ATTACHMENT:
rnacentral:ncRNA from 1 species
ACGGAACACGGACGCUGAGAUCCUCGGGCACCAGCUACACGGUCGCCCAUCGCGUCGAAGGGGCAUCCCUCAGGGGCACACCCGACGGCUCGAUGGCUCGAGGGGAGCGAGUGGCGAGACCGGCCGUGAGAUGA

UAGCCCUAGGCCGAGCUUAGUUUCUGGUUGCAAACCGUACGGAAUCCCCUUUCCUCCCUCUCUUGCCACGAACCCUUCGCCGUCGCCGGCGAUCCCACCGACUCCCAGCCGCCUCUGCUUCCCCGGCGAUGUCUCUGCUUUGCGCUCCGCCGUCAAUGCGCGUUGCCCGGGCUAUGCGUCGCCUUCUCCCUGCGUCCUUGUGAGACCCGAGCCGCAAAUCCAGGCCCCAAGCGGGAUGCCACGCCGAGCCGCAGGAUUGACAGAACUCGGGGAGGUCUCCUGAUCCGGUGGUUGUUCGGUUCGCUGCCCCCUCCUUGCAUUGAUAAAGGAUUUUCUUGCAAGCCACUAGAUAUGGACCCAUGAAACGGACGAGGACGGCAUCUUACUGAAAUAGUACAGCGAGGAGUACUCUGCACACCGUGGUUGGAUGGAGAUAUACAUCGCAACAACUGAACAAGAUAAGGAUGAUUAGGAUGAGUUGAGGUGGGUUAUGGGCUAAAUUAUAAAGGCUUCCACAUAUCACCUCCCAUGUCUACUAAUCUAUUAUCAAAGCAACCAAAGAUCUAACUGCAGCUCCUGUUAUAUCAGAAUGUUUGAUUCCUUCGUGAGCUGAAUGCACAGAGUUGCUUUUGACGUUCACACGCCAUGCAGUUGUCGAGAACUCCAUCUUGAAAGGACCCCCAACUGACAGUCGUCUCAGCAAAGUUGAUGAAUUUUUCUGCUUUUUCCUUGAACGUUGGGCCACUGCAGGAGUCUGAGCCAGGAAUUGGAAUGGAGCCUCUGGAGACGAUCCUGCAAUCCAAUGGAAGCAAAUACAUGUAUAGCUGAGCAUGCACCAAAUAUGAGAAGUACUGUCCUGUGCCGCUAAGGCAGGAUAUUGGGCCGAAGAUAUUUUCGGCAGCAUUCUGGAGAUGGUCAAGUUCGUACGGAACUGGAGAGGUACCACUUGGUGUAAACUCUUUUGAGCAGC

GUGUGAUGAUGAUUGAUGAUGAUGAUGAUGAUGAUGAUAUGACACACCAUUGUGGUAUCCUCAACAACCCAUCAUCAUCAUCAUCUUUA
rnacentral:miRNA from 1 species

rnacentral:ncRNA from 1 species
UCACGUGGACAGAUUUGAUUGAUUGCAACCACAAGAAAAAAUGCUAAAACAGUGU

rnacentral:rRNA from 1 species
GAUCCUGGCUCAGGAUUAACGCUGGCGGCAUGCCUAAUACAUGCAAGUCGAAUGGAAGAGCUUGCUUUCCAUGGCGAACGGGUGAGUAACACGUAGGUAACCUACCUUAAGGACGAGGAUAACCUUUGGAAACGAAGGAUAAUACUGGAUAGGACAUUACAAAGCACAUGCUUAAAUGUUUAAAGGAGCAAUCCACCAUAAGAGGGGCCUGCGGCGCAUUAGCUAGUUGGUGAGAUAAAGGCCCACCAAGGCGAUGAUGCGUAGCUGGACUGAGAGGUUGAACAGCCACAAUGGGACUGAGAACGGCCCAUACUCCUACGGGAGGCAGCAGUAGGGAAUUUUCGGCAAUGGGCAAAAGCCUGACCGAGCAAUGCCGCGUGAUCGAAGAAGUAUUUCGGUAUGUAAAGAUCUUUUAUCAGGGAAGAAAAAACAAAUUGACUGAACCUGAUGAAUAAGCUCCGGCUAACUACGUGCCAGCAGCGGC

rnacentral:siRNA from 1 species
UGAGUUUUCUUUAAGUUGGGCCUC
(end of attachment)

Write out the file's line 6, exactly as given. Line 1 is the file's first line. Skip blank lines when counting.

rnacentral:ncRNA from 1 species